ETFS’ Rhind: Platinum Rally Not Over
February 08, 2013
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[This interview originally appeared on HardAssetsInvestor.com and is republished here with permission.]
William Rhind is managing director of ETF Securities, a leading independent provider of ETFs. The firm, which in 2003 pioneered the world’s first physical gold ETF in Australia, has launched seven physically backed precious metals ETFs in the U.S. Those include the ETFS Physical Platinum Shares (NYSE Arca: PPLT), with nearly $800 million in assets under management. HAI’s Sumit Roy spoke with Rhind to discuss the precious metals market and particularly platinum and palladium, which have been rallying in recent weeks.
HardAssetsInvestor: What do you make of the recent surge in holdings for some of the precious metals ETFs? The iShares Silver Trust made headlines recently with a one-day, 18-million-ounce spike in its holdings; we’ve also seen big gains in platinum and palladium ETF holdings as well. Who is buying, and will it continue?
Rhind: Yes, what we’ve seen from the beginning of this year is better economic data out of China and the U.S. And that’s supportive of the white metals—silver, platinum and palladium. Those are, of course, the industrial metal, so they’ve benefited from that improvement in the economy.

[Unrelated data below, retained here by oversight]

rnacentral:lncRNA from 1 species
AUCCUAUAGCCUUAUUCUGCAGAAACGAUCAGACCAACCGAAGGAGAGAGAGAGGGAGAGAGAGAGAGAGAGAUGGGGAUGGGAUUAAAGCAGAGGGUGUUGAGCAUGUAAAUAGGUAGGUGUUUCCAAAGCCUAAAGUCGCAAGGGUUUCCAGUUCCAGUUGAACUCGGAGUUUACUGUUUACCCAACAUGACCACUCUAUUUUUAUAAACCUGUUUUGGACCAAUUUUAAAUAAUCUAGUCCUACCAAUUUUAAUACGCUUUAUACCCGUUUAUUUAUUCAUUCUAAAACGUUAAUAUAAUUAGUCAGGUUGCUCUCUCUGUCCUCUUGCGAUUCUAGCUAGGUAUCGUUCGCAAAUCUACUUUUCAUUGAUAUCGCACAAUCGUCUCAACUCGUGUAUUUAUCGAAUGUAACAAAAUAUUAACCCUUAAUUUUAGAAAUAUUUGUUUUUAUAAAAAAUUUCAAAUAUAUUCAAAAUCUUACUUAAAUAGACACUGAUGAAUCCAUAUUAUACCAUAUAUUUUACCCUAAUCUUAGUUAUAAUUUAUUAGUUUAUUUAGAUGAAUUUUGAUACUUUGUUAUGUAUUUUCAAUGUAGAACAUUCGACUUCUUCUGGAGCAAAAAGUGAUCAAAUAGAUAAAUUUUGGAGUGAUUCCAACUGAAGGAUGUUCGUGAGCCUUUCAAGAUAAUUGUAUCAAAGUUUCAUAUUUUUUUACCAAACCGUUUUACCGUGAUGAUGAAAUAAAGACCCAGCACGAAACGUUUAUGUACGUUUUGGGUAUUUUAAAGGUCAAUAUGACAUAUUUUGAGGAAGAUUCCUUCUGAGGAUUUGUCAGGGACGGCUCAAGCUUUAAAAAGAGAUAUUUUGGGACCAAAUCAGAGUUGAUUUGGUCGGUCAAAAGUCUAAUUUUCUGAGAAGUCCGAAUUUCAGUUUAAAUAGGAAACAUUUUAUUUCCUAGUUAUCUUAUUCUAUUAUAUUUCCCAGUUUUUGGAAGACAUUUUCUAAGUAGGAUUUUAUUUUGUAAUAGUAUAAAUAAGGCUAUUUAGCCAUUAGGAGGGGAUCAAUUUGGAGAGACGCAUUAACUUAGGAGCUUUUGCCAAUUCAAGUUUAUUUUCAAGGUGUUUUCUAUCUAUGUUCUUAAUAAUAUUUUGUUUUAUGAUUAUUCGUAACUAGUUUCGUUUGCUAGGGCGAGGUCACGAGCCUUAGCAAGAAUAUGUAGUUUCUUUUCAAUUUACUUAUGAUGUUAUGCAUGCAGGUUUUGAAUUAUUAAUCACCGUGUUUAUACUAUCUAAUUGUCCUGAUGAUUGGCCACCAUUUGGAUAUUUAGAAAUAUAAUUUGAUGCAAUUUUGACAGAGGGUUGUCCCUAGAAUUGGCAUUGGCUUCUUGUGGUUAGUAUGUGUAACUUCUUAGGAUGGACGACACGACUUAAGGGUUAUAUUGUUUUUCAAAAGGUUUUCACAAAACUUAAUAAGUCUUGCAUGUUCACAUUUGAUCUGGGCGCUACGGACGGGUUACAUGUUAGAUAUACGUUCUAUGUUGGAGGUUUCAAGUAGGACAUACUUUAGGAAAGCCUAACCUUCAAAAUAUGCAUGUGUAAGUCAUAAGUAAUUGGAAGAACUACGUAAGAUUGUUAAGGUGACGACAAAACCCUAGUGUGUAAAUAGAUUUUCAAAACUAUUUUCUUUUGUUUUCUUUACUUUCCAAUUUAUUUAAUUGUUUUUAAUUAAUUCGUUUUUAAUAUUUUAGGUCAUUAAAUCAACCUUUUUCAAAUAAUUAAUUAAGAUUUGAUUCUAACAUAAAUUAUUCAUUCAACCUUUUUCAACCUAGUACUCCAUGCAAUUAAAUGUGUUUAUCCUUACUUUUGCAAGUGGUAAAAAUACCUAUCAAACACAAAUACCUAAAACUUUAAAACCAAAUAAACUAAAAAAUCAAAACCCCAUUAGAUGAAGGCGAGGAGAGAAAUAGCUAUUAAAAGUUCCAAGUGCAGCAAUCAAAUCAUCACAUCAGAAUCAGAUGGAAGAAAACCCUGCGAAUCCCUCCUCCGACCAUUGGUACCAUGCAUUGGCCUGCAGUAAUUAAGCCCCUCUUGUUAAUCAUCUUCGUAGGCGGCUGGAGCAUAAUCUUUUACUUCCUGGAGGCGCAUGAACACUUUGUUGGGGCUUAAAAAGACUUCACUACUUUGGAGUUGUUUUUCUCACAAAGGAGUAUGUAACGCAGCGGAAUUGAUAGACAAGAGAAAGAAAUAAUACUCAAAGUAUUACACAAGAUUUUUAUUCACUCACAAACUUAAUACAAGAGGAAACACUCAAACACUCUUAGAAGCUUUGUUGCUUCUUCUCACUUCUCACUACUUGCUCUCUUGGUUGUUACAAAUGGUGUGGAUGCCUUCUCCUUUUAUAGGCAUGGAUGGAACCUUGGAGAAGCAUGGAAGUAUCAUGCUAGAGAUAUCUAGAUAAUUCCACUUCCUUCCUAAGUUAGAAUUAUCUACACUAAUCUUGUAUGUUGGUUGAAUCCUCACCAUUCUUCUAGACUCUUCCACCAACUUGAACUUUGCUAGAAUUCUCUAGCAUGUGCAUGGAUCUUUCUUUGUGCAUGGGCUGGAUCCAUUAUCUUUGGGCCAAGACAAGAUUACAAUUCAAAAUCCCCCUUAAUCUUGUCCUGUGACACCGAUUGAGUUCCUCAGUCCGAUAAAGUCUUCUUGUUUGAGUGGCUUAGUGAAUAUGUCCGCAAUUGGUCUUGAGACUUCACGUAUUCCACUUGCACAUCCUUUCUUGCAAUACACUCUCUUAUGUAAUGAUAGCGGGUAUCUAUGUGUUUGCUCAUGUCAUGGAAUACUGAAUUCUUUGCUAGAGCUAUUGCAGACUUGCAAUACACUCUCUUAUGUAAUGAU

In terms of who are the main buyers—for silver it’s more retail. For platinum and palladium, it’s more institutional. They're more institutional just because they are less understood. They have a lower profile than silver and gold. There are more specialist players in platinum and palladium.
HAI: There has been increasing speculation that the Fed could end its QE programs this year, as the U.S. economy improves. How will that impact the 12-year bull market in gold?
Rhind: Of course, that is all predicated upon that macro view. The Fed and other central banks around the world have embarked on very expansionary monetary policy, and have articulated very clearly to markets that they're going to anchor interest rates at a very low position for many years to come. It would be surprising if there was any change in that, certainly in the short term. Although the economic data have been better here in the U.S., we’re not convinced it lends itself to the point of being able to reverse monetary policy at this stage.
HAI: Anglo American Platinum recently announced huge cuts to its mine production in South Africa. Of course, there's always the threat of strike activity in that country. How strong are the supply-and-demand fundamentals for platinum and palladium right now?
Rhind: Strong. And they have been strong for a while. The only reason prices aren’t even higher in both metals is because of the macro overhang of a depressed global economy. But if you look at the fundamentals of platinum and palladium, you know demand has been strong for both metals. Moreover, we’ve had severe supply issues in platinum, which has spilled over into palladium, given that South Africa accounts for 40 percent of world palladium supply as well. Platinum and palladium have both been disrupted on the supply side, and that’s certainly supportive of fundamentals.
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